Review Summary: This oft-forgotten hip-hop project by The Black Keys will have you bobbing your head one minute, and lowering it in shame the other.
Since their 2001 inception, The Black Keys have been riddled with comparisons to The White Stripes. I'm sure Dan Auerbach and Patrick Carney don't like it, but it seems fair enough to me. Both are two-person(I almost typed man) bands; one on drums, one on guitar. Critics have called both acts blues-rock and garage-rock a hefty amount of times. And it's only natural for one to say "The Black Keys are similar to The White Stripes" rather than vice versa. The Stripes were established in 1997, four years before The Keys. After 2001's White Blood Cells, the indie scene huddled around The White Stripes like Christ's second coming. They're arguably the bigger band; Jack White seeing more success through 2 side projects, The Dead Weather and The Raconteurs.
Meanwhile, I wouldn't count out The Black Keys just yet. Most likely in an attempt to distance themselves from these tired comparisons, in 2007 they announced their collaboration with hip-hop producer Danger Mouse and blues legend Ike Turner. The project continued, even with the latter's death in December 2007. Attack and Release turned out to be very good; a pleasant surprise that a DM-produced blues album actually works. And I guess Patrick and Dan really are interested in hip-hop. Their newest release, Blakroc is another collaboration between [themselves, of course] and some of hip-hop's biggest names in 2009. After collaborating with a respected man that made his name collaborating with other respected men, the sky must be the limit for The Black Keys' hip-hop aspirations! Yeah, you'd think that.
It's hard to say Blakroc is a successful idea. Right after something dope finishes, you're treated to something mediocre-at-best. RZA's "Telling Me Things" honestly sounds like he just tagged along with Rae to the studio, and just decided to wing it when he was asked to contribute something. It's the epitome of filler. "Hope You're Happy" is about heartbreak; I think. Which is fitting, I guess, it's a blues-hip-hop album. It's also Q-Tip's sole appearance on the record, in the form of a miniscule 30-second verse.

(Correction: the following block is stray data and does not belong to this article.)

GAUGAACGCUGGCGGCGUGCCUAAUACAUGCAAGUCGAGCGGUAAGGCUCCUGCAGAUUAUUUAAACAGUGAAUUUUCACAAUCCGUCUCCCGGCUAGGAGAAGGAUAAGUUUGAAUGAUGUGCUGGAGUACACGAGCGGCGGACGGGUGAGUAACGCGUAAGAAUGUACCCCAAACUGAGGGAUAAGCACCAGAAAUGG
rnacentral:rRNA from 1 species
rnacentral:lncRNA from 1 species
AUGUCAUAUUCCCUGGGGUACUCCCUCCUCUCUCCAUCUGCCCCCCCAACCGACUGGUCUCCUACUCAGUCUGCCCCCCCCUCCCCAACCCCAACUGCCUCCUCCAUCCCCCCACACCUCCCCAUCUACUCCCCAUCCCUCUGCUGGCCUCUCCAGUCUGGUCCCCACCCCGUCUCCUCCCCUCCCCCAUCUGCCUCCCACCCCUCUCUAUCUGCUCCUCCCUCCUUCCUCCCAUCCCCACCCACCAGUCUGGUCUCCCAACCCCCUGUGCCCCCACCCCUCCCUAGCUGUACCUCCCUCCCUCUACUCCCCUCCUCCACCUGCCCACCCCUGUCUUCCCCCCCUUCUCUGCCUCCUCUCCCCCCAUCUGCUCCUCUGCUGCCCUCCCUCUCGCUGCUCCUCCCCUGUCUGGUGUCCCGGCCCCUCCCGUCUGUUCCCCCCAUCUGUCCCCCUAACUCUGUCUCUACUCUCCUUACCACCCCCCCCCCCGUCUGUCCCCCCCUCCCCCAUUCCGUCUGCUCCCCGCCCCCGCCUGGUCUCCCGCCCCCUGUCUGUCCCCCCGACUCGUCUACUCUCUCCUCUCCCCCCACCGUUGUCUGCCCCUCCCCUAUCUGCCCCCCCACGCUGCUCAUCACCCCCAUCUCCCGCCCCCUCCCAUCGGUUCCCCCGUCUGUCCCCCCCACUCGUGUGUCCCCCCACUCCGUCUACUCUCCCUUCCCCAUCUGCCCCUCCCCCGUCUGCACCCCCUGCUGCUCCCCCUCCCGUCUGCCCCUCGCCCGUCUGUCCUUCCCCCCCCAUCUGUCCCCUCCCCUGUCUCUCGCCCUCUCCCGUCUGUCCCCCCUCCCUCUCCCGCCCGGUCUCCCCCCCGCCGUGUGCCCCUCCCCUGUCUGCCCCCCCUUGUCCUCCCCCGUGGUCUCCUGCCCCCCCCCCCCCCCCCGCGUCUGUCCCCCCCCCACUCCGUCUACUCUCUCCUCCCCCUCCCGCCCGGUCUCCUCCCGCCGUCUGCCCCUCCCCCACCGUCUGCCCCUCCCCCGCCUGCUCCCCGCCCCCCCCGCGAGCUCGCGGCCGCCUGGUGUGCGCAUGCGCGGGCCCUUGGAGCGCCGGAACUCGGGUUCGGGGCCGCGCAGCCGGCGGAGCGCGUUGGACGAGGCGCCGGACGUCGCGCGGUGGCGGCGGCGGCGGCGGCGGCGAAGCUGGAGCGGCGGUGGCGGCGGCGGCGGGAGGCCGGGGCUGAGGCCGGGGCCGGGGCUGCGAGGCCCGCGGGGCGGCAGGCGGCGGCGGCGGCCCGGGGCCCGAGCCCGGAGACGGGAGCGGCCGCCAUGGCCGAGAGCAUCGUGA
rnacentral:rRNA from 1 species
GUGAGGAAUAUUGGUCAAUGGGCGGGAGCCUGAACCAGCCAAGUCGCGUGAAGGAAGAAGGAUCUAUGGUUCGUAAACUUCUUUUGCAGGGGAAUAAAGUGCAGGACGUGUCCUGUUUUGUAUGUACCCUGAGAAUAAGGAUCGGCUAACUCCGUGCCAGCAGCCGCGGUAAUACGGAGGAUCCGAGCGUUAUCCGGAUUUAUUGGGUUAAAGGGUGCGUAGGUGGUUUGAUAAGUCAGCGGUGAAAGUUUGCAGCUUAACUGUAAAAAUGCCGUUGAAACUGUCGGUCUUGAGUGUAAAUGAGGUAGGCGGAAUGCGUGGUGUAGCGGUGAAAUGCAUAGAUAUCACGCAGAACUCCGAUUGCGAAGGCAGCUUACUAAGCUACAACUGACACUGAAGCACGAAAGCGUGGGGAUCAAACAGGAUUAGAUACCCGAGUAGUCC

"Just another basket case, stricken with the lonlies/
Invoke(?) the man, out through the tenderoni(?)/
Couldn't leave the children left a little alimony/
Nothin' in my cup it's just stale macaroni"
What? I'm sure I heard the second line wrong, but you just try and replace "invoke" and "tenderoni" with anything that makes it sound sensible. And why is he rapping like a robot? "Coochie", the album's opener, is great from a lyrical standpoint. It's an old ODB verse, featuring Ludacris rapping with the late ODB's track. That said, it just doesn't work well at all with The Black Keys' instrumental. It's no wonder the track is not included on the iTunes release. Hopefully someone remixes it.
Listen, this is not at all a terrible album. Right after "Coochie" is "On The Vista", undeniably the album's best track. This is what the whole album should have been. Patrick's drumming is perfect with the piano melody, guitar solo, and Mos Def's Rapping. NOE's performances on the record are among the best, and likely to be overlooked; his voice a crystal-clear reflection of early Jay-Z. Raekwon's "Stay Off The ***in' Flowers" is great; another short-but-sweet 2 and a half minute track. Praising Rae's lyricism and flow would have been necessary 15 years ago, but you know already.
Blakroc is very hit or miss; after you're done dancing to "Ain't Nothing Like You", "Hope You're Happy" will make you wonder why you picked up the record in the first place. None of these tracks are downright awful(with the exception of "Telling Me Things"), there's just a lot of uninteresting in something that has the potential to be superb. It's a great idea that just isn't executed well enough to merit any overwhelming praise.